Understanding Endometriosis


The inside of the uterus is lined with tissue called the endometrium. The endometrium thickens in response to hormones produced during the monthly menstrual cycle. As hormone levels fall, the lining is shed and passed as the menstrual period.

Endometriosis is a disease in which endometrial tissue is found outside the uterine cavity. The common sites for these abnormal deposits are the peritoneal (outer) surfaces of the reproductive organs (uterus, fallopian tube and ovaries) and the rest of the pelvic cavity.2 In severe cases these may be found over the bowel or bladder.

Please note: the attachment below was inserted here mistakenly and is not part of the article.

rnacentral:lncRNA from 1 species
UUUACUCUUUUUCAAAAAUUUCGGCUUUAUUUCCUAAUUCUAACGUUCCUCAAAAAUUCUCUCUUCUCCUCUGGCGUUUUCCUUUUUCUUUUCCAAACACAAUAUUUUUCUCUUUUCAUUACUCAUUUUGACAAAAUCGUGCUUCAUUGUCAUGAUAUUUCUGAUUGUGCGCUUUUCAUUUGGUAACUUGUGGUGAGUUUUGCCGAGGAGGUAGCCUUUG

The endometriotic deposits respond to hormones and undergo cyclical changes similar to the endometrium. As a result of cyclical bleeding from these ectopic (misplaced) endometriotic implants, a local inflammatory reaction occurs. This eventually leads to scarring, with adjacent organs becoming adherent. In some patients large collections of blood may accumulate, especially in the ovary.

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